Automation, Automation, Automation!

  • Robotics, PLC’s, IOT Hardware, Smart-Connected Machinery and more were among some of the constant reminders for where Automation Technology is in the world. Programming these autonomous systems is seemingly becoming easier over the years, and smart-sensors are now widely available for shops to closely monitor vital aspects of their production facility and equipment. I’m also seeing more and more factory-floor automation these days, as companies of all sizes aim to do more with less, and increase shop efficiency.

Increased Investment from Nikon in the Additive Manufacturing & Robotics Sectors 


3D Printing for Production

  • This is my 3rd IMTS, and throughout the years, I’ve seen a continually expanding Additive Manufacturing Pavilion in the West Hall of McCormick Place. After many years of overcoming the initial “hype phase,” I am seeing true end-use applications for 3D Printing with both Metallics and Polymers, that much was reflected in the booths of all 3D Printing Exhibitors I saw while walking the aisles. Whether it’s tooling for initial prototyping, doing small lot runs of an initial concept, or doing full-blown production with Additive, it’s here to stay, and is proving itself to be a viable manufacturing solution. It’s exciting to see a variety of large corporations make significant investments into Additive for Fortune 500, combined with Venture Capital funds allocated towards US-based startups.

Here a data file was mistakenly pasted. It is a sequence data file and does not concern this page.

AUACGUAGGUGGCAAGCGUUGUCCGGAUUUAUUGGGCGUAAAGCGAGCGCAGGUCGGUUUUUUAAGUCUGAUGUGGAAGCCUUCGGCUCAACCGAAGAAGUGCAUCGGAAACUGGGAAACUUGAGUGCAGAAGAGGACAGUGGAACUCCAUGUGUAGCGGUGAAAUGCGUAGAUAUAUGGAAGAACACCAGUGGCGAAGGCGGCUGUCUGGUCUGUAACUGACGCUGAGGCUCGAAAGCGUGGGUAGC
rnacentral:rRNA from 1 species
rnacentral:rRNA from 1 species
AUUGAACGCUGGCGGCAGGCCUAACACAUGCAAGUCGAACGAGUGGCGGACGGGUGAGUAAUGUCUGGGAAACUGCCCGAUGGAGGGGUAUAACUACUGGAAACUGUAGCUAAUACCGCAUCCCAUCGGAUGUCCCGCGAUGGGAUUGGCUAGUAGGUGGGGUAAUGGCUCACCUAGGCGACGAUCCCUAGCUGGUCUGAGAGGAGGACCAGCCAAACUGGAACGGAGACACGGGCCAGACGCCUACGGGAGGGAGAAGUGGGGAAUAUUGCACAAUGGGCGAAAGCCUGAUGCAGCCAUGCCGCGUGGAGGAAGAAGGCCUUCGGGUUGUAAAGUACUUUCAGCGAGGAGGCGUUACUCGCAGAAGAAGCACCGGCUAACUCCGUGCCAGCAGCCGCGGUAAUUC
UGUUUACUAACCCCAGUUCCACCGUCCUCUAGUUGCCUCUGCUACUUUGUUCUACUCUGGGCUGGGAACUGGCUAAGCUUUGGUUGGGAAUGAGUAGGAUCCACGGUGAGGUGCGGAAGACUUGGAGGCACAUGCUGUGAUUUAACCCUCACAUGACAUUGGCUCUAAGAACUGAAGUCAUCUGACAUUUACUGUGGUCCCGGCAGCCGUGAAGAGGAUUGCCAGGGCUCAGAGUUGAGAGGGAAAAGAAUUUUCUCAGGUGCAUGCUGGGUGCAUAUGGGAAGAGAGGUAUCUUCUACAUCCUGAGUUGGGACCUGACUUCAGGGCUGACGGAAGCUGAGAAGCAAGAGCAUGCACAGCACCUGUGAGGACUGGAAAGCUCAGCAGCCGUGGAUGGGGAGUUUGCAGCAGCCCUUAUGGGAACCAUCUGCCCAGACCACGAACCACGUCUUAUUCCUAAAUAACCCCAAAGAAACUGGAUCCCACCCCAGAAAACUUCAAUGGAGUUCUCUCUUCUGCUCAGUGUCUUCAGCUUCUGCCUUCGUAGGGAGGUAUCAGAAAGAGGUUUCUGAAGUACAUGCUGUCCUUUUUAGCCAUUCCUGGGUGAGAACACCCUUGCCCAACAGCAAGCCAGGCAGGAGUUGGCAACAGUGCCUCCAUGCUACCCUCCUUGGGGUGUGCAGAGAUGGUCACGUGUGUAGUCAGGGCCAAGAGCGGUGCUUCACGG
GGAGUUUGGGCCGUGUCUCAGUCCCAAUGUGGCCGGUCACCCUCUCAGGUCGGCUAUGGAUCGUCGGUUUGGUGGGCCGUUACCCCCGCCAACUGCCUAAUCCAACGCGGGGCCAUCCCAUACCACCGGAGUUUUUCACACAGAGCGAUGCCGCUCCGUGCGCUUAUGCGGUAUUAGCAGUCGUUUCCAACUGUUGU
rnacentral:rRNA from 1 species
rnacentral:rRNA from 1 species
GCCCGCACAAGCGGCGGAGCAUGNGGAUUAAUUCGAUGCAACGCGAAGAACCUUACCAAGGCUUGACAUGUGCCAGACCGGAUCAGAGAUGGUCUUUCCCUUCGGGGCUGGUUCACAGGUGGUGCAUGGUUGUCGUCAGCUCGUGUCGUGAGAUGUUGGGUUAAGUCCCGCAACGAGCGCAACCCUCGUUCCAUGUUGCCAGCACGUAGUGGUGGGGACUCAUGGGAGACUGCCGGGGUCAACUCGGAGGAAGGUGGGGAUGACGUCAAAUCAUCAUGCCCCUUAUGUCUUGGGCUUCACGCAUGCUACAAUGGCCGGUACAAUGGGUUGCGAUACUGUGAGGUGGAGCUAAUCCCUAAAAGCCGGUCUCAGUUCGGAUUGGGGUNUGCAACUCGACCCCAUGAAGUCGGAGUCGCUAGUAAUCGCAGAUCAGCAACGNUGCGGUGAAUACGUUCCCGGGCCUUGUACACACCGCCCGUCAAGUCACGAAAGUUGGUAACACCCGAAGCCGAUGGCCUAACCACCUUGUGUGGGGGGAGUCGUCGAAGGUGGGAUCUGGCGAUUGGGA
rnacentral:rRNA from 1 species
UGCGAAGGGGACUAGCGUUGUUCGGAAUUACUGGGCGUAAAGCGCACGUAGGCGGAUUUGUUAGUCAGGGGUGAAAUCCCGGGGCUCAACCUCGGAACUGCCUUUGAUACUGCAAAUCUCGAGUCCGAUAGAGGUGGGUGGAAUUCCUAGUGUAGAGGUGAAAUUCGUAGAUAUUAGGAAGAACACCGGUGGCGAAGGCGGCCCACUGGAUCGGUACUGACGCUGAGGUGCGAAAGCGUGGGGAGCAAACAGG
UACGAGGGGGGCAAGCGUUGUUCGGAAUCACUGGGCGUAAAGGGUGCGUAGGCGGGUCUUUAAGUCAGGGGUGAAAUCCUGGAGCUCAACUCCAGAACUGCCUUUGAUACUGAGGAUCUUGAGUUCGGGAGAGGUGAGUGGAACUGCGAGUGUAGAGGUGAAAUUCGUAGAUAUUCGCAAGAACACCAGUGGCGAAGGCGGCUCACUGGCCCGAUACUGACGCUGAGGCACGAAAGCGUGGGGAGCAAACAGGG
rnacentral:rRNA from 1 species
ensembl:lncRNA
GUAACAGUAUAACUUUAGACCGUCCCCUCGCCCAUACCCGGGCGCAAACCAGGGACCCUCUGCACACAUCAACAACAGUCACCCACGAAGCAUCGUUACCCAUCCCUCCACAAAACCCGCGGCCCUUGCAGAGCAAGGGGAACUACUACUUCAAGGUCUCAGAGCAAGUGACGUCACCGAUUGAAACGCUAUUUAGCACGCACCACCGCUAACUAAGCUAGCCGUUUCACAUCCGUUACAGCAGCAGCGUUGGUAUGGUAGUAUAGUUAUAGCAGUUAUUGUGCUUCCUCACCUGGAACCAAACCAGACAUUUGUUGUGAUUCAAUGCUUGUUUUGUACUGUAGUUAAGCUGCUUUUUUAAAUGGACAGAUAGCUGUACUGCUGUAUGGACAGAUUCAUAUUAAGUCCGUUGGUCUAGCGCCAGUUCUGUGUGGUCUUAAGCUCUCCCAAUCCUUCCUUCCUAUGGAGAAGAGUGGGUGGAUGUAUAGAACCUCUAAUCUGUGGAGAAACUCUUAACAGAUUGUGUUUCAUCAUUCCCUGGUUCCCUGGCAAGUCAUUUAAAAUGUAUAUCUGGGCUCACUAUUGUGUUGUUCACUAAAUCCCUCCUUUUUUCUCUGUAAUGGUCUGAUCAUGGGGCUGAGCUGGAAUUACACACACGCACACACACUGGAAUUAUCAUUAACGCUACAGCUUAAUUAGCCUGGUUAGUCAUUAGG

HP Announces new Metal SJ100 Series of Powder-Bed Additive Manufacturing Systems


Continuous Evolution of Machine Tools

  • The South Hall (Largest Hall at IMTS) has always boasted an impressive scale of the world’s largest Machine Tool companies, along with millions of pounds of sophisticated machinery. While the CNC & Machine Tool industry has had a number of decades to mature, there is still much innovation taking place for a variety of Machinery and Equipment OEM’s across the globe. Combined with cutting edge metal cutting tools and software to fine tune predictability with CAD and CAM, the Machine Tool industry continues to evolve into a highly automated, precise means towards high-volume production. 
    5 Axis CNC’s Working Envelope’s (^see cover image^) are Seemingly Endless, this Czech-based Machine Tool OEM (TRIMILL) makes some Large VMC’s with nearly 3000 mm travel in the X Axis!  

Enhanced Tooling/Workholding for Additive & Subtractive Manufacturing